Wanborough Manor and the SOE


Did you know that during the Second World War, Wanborough Manor about half a mile away from the vineyard on the north side of the Hog's Back served an important but secret training camp for the French section ("F Section") of the Special Operations Executive ("SOE").


The SOE was established by the British Government shortly after the fall of France in Summer 1940 and was a secret part of military intelligence charged with subverting and sabotaging the enemy overseas. In effect, this meant working with the local resistance in occupied countries to help disrupt the Germans. The SOE trained agents and landed them in occupied territory. Trainee agents passed through a number of specialised training camps, including Wanborough, before being sent into the field. Their missions were extremely dangerous and a very high proportion of SOE agents did not return. If captured , they were treated as spies (rather than soldier) and generally were tortured by the Gestapo and eventually executed. Its is estimated that about half of the SOE agents who passed through Wanborough and went into the field did not survive making this one of the most dangerous active assignment during the Second World War. From 1942 the SOE was allowed to recruit women agents and a significant proportion of the SOE agents were women, making this one of the very few areas that women could serve on the 'front line'.


Wanborough Manor (John Salmon)

It is very hard for us today to appreciate the courage that these brave women showed in volunteering for duty where it was more likely than not that they would not survive. The story of the SOE is also not one that is well known - Government papers relating to its activities were either destroyed by fire shortly after the War or were kept secret until the mid-1990s.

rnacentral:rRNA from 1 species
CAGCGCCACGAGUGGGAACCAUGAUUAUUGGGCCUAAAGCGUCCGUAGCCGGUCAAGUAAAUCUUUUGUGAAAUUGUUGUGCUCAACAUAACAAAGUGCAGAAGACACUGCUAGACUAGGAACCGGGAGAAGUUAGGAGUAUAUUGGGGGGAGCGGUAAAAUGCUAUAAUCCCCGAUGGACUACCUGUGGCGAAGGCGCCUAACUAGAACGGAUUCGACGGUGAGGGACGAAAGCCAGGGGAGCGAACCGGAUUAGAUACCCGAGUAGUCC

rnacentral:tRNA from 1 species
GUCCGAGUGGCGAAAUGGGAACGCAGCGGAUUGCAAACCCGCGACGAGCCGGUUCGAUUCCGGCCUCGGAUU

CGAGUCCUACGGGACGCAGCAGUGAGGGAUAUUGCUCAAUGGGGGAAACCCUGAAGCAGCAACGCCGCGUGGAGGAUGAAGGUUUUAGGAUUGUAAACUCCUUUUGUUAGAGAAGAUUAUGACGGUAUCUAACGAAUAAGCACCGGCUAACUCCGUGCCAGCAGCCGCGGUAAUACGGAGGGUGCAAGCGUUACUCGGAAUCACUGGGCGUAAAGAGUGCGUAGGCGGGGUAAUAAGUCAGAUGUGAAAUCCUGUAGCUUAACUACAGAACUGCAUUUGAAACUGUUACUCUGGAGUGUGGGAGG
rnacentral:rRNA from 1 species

In order to celebrate this little-known piece of local history, and to honour all the Wanborough agents, we decided to commemorate these heroines by creating and naming some of our wines after a few of these amazing women. The first such wine is Noor.

Beatrice Yvonne Cormeau (codename Annette)

Yvonne Cormeau was a radio operator who was parachuted into southern France in 1943 to work with the local resistance. She survived 13 months of active service without being caught by the Germans and returned to the UK after this area of France was liberated in September 1944.

More details about Yvonne Cormeau amazing life and the courage she has displayed during the second world war to follow.


Noor Inayat Khan, c.1943.(Russeltarr)

Noor-un-Nisa Inayat Khan (codename Madelaine)

Noor was born in Moscow in 1914, the daughter of a Sufi teacher and his American wife. Her family lived near Paris until shortly after the fall of France in 1940 when they escaped to England. Noor joined the WAAF where she trained as a radio operator and was spotted by the SOE and went to Wanborough for training. She was send to France in June 1943, however, her mission went disastrously wrong and she spent several months on the run from the Germans. In mid-October she was betrayed, captured and imprisoned at the SS headquarters in Paris. After several escape attempts, she was transferred to a prison in Karlsruhe, Germany. In September 1044 she was taken with three other women agents to Dachau concentration camp and shot.